Interactive Physically-based Sound Synthesis

 

While visual feedback is often the main focus in Virtual Environments, sound is another important modality. Auditory feedback can enhance the immersion and believability of virtual scenes. However, the common approach of using pre-recorded sound samples is often not feasible for highly interactive environments, because too many sounds would have to be recorded or designed upfront. Especially with physically simulated objects, a lot of sounds are generated by collisions between objects. The sound of such collisions depends on different factors: the material and shape of the objects, as well as the positions, strength and temporal distribution of the collision forces. Especially the latter aspects are difficult to reproduce with sound samples.

To overcome these problems, physically-based sound synthesis is used to interactively generate contact sounds. Collision forces excite vibrations in an object, which are simulated to determine the resulting sound. This approach takes the objects’ geometry, material properties, and impact forces into account, and is thus able to generate interaction-dependent sounds for arbitrary objects without an explicit sound recording step. However, the explicit physical simulation of vibrating objects is computationally expensive and not yet possible in real-time. Thus, modal analysis is used to calculate an object’s characteristic modes (i.e. frequency and decay) in a pre-processing step. At runtime, forces acting on the object excite a position-dependent set of modes. The sound of the whole object is then generated in real-time by accumulating the sound of the individual modes.

  Example of an modal synthesis VR Group Different impact positions on the sound mesh excite a specific set of modes, which are accumulated to generate a collision sound.

While visual feedback is often the main focus in Virtual Environments, sound is another important modality. Auditory feedback can enhance the immersion and believability of virtual scenes. However, the common approach of using pre-recorded sound samples is often not feasible for highly interactive environments, because too many sounds would have to be recorded or designed upfront. Especially with physically simulated objects, a lot of sounds are generated by collisions between objects. The sound of such collisions depends on different factors: the material and shape of the objects, as well as the positions, strength and temporal distribution of the collision forces. Especially the latter aspects are difficult to reproduce with sound samples.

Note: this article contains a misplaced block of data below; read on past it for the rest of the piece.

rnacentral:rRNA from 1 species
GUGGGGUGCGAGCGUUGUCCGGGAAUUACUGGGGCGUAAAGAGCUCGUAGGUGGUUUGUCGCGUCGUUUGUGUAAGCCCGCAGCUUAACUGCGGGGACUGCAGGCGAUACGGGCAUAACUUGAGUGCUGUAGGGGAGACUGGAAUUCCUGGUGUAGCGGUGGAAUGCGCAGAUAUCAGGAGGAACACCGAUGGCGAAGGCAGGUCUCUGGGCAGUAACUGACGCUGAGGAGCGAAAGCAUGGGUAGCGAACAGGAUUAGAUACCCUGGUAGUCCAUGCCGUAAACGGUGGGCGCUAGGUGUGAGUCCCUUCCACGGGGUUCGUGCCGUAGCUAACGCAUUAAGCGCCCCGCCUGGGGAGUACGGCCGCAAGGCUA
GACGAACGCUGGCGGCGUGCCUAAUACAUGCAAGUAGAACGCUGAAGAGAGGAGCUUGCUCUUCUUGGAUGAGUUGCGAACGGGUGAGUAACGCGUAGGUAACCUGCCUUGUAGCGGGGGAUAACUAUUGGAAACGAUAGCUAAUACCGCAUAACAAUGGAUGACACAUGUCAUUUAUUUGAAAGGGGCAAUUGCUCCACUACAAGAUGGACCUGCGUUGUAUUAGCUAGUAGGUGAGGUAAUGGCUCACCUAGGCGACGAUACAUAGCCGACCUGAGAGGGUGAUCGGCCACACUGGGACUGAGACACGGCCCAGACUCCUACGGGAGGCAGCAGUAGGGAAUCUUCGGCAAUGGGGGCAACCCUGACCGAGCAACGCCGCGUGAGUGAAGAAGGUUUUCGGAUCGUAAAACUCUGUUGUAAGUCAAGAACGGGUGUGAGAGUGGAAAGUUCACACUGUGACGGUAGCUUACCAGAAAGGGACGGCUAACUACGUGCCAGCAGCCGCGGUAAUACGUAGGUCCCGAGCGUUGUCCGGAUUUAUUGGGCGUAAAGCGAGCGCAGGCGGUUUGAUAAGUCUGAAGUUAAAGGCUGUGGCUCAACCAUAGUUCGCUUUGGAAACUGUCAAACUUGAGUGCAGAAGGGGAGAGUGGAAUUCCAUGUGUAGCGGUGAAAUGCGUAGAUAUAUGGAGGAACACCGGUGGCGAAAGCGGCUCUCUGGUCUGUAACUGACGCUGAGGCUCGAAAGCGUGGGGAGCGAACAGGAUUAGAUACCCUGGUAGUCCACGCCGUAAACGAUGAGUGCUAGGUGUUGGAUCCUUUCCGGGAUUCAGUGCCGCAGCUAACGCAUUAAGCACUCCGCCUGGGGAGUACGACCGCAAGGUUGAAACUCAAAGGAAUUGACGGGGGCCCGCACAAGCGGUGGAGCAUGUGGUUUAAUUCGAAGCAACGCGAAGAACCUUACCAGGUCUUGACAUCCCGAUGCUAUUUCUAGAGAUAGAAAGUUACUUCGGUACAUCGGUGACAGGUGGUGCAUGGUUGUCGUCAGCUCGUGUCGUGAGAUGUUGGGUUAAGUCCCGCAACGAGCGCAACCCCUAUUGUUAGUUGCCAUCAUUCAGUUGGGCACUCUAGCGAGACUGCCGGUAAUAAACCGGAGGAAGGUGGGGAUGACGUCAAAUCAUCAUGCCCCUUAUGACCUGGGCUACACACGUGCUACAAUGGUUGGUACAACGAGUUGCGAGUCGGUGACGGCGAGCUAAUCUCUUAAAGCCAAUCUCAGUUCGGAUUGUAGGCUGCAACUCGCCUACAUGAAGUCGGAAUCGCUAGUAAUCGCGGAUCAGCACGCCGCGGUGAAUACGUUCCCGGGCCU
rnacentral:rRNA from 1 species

To overcome these problems, physically-based sound synthesis is used to interactively generate contact sounds. Collision forces excite vibrations in an object, which are simulated to determine the resulting sound. This approach takes the objects’ geometry, material properties, and impact forces into account, and is thus able to generate interaction-dependent sounds for arbitrary objects without an explicit sound recording step. However, the explicit physical simulation of vibrating objects is computationally expensive and not yet possible in real-time. Thus, modal analysis is used to calculate an object’s characteristic modes (i.e. frequency and decay) in a pre-processing step. At runtime, forces acting on the object excite a position-dependent set of modes. The sound of the whole object is then generated in real-time by accumulating the sound of the individual modes.

Pre-processing of the modal analysis enables interactive sound synthesis. However, some objects may be generated at runtime (e.g. shards from a breaking window). Furthermore, dynamic damping and coupling effects influence an object’s sound; e.g. a wine glass standing on a table sounds different than one held in the hand. Thus, we are working on methods to calculate the modal analysis interactively. To achieve this, we accelerate the analysis process using parallelization and level-of-detail approaches. Furthermore, we examine the use of prediction to estimate future simulation states, so that more time is available for the analysis computation.

 

Cooperation

  1. Joint work with the RWTH Institute of Technical Acoustics